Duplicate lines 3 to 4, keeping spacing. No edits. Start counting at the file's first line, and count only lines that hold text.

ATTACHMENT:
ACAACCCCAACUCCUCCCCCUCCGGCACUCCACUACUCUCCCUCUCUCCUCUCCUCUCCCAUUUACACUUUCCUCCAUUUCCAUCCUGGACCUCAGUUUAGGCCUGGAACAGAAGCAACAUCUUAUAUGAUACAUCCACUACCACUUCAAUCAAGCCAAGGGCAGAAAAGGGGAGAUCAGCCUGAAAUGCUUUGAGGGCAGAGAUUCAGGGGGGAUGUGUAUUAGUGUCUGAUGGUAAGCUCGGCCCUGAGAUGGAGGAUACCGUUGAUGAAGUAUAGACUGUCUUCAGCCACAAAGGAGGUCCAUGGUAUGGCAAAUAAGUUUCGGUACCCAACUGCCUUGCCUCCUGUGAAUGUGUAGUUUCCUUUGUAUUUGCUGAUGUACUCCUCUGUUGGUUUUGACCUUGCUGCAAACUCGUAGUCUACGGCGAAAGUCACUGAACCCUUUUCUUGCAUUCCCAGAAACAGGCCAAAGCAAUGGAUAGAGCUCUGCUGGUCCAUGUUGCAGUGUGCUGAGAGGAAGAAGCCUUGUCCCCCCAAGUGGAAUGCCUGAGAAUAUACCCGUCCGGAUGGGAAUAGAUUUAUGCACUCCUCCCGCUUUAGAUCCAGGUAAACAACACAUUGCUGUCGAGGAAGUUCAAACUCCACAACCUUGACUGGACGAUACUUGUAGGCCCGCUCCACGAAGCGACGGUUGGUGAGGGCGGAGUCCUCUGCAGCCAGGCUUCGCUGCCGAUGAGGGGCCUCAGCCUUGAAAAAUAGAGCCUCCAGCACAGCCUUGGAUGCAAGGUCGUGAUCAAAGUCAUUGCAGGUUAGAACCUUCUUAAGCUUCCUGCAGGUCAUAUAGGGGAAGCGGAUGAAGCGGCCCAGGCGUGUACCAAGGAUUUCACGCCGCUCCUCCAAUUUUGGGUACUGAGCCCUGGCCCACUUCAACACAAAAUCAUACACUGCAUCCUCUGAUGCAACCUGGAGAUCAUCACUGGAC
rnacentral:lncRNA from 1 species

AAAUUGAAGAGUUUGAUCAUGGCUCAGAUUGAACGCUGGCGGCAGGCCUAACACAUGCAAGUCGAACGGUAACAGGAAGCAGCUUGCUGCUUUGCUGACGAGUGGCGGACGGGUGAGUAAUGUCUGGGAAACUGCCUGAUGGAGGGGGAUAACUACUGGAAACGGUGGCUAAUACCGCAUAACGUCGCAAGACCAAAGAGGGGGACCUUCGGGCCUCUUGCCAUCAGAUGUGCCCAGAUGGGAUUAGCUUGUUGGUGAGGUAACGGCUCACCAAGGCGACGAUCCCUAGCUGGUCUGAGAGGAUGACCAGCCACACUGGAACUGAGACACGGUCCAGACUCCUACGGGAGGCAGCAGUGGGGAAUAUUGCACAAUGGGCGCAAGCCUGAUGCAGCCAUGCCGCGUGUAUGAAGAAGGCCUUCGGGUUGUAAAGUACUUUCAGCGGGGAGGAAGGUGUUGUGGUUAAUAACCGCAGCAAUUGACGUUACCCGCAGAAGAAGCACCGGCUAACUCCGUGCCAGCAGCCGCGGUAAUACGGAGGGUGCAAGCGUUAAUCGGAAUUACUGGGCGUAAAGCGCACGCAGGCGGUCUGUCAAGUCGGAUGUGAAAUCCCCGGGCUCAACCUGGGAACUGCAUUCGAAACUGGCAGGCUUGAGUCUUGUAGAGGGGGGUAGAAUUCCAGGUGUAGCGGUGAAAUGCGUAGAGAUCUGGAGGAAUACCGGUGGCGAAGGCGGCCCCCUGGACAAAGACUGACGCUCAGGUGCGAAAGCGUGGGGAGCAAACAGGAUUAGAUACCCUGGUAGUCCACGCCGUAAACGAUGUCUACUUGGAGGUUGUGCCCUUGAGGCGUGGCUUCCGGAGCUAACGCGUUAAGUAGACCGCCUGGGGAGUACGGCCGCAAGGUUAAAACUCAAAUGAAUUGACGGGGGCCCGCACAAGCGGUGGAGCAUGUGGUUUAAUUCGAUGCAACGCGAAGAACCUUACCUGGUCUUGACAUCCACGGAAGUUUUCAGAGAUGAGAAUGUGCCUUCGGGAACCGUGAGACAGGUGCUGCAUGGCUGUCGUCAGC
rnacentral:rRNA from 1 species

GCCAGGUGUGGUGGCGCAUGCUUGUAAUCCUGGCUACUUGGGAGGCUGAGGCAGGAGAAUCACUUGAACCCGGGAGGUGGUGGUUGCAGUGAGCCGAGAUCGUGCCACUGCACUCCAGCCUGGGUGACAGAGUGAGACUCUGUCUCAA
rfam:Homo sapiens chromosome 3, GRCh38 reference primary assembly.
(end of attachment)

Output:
AAAUUGAAGAGUUUGAUCAUGGCUCAGAUUGAACGCUGGCGGCAGGCCUAACACAUGCAAGUCGAACGGUAACAGGAAGCAGCUUGCUGCUUUGCUGACGAGUGGCGGACGGGUGAGUAAUGUCUGGGAAACUGCCUGAUGGAGGGGGAUAACUACUGGAAACGGUGGCUAAUACCGCAUAACGUCGCAAGACCAAAGAGGGGGACCUUCGGGCCUCUUGCCAUCAGAUGUGCCCAGAUGGGAUUAGCUUGUUGGUGAGGUAACGGCUCACCAAGGCGACGAUCCCUAGCUGGUCUGAGAGGAUGACCAGCCACACUGGAACUGAGACACGGUCCAGACUCCUACGGGAGGCAGCAGUGGGGAAUAUUGCACAAUGGGCGCAAGCCUGAUGCAGCCAUGCCGCGUGUAUGAAGAAGGCCUUCGGGUUGUAAAGUACUUUCAGCGGGGAGGAAGGUGUUGUGGUUAAUAACCGCAGCAAUUGACGUUACCCGCAGAAGAAGCACCGGCUAACUCCGUGCCAGCAGCCGCGGUAAUACGGAGGGUGCAAGCGUUAAUCGGAAUUACUGGGCGUAAAGCGCACGCAGGCGGUCUGUCAAGUCGGAUGUGAAAUCCCCGGGCUCAACCUGGGAACUGCAUUCGAAACUGGCAGGCUUGAGUCUUGUAGAGGGGGGUAGAAUUCCAGGUGUAGCGGUGAAAUGCGUAGAGAUCUGGAGGAAUACCGGUGGCGAAGGCGGCCCCCUGGACAAAGACUGACGCUCAGGUGCGAAAGCGUGGGGAGCAAACAGGAUUAGAUACCCUGGUAGUCCACGCCGUAAACGAUGUCUACUUGGAGGUUGUGCCCUUGAGGCGUGGCUUCCGGAGCUAACGCGUUAAGUAGACCGCCUGGGGAGUACGGCCGCAAGGUUAAAACUCAAAUGAAUUGACGGGGGCCCGCACAAGCGGUGGAGCAUGUGGUUUAAUUCGAUGCAACGCGAAGAACCUUACCUGGUCUUGACAUCCACGGAAGUUUUCAGAGAUGAGAAUGUGCCUUCGGGAACCGUGAGACAGGUGCUGCAUGGCUGUCGUCAGC
rnacentral:rRNA from 1 species